Professor Deborah Chung from the University of Buffalo says that combining the material with conventional composite structures, which have high positive resistance, will produce a material that is a superconductor at room temperature.

The research is aimed at giving electronic function to composite structures used in the aerospace and automotive industries. These materials, which consist of layers of carbon fibres bound together with epoxy resin, normally exhibit large resistance in a direction perpendicular to the carbon fibres.

While carbon fibres themselves are electrically conducting, the polymer matrix is an insulator. But resistance is never infinite because there will always be some contact between fibres of adjacent laminae.

Prof Chung found that, if the composite was made with a curing pressure of above 1.4MPa (200psi), negative resistance could be observed at the junctions where the carbon fibre layers are in contact.

Prof Chung describes her findings as “surprising”, saying that these interfaces are geometrically very complex and the reason for negative resistance is unclear. Energy is needed to get the electrons to jump from one lamina to another but its source is unknown.

One suggested mechanism is based on an imbalance of drifting and diffusing electrons. When a voltage is applied, electrons drift between adjacent lamina which are not electrically connected; electrons then diffuse back to the bottom lamina at the short-circuited regions of the interface.

This diffusion current seems to overshadow the drift current, giving the impression of electrons flowing the wrong way. Prof Chung is now working on the theory that this phenomenon “may be driven by the applied current and the entropy-driven backflow of electrons”.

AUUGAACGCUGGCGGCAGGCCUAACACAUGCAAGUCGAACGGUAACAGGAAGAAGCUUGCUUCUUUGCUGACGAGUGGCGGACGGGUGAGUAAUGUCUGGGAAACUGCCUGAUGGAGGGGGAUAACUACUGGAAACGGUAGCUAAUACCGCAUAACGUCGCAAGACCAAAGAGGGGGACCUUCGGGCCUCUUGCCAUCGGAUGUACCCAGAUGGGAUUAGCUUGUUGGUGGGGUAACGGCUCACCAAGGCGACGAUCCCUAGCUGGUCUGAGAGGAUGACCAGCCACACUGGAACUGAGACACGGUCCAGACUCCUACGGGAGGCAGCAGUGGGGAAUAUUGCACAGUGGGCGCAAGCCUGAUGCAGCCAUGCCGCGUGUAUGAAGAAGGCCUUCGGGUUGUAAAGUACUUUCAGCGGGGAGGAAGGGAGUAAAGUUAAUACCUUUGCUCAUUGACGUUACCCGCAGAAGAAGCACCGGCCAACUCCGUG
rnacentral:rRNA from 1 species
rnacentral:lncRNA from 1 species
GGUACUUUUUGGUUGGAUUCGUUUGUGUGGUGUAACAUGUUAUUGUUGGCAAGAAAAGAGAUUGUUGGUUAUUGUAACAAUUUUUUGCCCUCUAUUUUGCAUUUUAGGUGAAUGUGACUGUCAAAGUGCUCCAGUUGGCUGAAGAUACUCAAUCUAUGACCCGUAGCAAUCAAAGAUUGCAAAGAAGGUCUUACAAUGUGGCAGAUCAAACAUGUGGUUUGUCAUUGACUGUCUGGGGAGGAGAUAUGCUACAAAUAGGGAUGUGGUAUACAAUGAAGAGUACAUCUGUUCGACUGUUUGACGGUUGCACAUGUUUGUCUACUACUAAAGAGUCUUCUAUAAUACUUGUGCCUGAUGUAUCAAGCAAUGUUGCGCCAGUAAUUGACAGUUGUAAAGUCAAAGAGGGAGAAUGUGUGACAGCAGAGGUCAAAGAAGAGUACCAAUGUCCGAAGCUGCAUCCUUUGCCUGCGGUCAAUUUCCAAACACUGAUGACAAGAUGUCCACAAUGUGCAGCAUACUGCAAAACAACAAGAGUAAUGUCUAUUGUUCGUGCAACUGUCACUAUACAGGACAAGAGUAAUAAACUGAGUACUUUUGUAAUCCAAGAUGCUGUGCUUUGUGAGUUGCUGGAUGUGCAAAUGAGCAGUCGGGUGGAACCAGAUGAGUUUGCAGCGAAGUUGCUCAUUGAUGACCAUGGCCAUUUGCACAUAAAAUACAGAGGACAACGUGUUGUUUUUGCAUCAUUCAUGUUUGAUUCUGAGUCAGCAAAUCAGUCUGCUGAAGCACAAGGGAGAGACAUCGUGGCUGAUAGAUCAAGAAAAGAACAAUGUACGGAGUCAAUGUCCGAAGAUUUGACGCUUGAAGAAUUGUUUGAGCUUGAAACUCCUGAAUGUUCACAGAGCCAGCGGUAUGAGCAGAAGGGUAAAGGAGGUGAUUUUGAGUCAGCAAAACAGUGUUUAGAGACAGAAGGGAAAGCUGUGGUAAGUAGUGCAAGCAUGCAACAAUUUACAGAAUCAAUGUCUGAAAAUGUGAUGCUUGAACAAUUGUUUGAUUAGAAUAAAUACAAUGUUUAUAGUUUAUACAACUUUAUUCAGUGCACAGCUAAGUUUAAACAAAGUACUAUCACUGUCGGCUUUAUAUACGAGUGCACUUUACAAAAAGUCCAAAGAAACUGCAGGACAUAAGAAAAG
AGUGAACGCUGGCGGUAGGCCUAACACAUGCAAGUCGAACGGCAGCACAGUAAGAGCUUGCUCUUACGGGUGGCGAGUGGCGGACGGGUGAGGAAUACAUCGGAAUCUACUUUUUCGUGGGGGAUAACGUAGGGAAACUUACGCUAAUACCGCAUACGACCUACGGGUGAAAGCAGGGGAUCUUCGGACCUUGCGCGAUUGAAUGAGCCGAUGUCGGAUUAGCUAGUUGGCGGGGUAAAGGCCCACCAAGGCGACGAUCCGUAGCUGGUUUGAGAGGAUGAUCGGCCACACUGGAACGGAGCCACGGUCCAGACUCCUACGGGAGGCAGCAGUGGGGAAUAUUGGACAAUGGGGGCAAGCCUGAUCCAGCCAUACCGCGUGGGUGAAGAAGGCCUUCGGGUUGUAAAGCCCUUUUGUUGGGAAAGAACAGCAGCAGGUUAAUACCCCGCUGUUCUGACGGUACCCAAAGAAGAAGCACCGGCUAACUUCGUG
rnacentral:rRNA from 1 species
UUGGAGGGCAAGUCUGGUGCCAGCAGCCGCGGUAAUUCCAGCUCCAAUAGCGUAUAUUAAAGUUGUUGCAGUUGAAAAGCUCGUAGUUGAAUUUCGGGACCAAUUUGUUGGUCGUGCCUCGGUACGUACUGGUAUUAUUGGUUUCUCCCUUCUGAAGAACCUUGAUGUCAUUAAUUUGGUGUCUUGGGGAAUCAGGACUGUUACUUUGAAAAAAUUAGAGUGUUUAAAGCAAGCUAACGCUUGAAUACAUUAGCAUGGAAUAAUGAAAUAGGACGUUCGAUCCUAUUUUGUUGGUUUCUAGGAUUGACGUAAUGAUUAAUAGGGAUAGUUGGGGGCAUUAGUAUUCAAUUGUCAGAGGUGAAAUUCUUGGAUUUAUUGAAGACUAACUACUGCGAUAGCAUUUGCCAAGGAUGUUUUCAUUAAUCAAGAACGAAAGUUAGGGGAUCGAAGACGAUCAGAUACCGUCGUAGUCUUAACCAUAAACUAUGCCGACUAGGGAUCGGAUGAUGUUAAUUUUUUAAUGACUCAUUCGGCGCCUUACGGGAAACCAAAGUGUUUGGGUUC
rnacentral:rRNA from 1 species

The discovery was made accidentally, while examining the electrical behaviour of carbon composites as a way of improving damage detection. Prof Chung says the research could result in `smart’ aircraft parts which sense their own strain or automotive parts capable of storing huge amounts of power.

Like silicon, carbon fibres can be doped to be n and p-type semiconductors. The research team has already made np junctions (diodes) and is working on making transistors.

“This is a whole new level of `smartness’ in materials,” she said. “For example, using composite structures as electronic components means electronic capabilities could be spread over a much larger surface area, eliminating the problem of heat dissipation.”

It also means aircraft parts could be made without the need to embed sensors, thus improving mechanical properties.

AnonymousMay 24, 2009 at 7:23 pm“Suppose your house load (all your appliances, in parallel) is 10 ohms and you’d like to match it with a -10 ohm solar sheet. Your roof is 20 feet wide and 40 feet long — 2 squares — so get -5-ohm-per-square paint and put electrodes at each end. If the hardware store only carries -20-ohm-per-square paint, put the electrodes along the sides so the squares are in parallel.”

Ummm, wait just a second here. Just because your hypotech paint could be rated in negative-x-ohms-per-square doesn’t show that a given swath could deliver the needed /power/. If my house is a purely resistive 10 ohms and runs on 120 V RMS, then the current needed will be 12 A. I^2R is 1440 W. Your “per-square” analysis would make it appear that a postage stamp of the stuff would work just as well as the 20 by 40 array.

AnonymousMay 28, 2009 at 9:04 pmSmartness of materials…. and their effects can teach humans to become morally smart to materialize the dream of immortal life which is partly the objective of nanotechnology( longevity of human life span)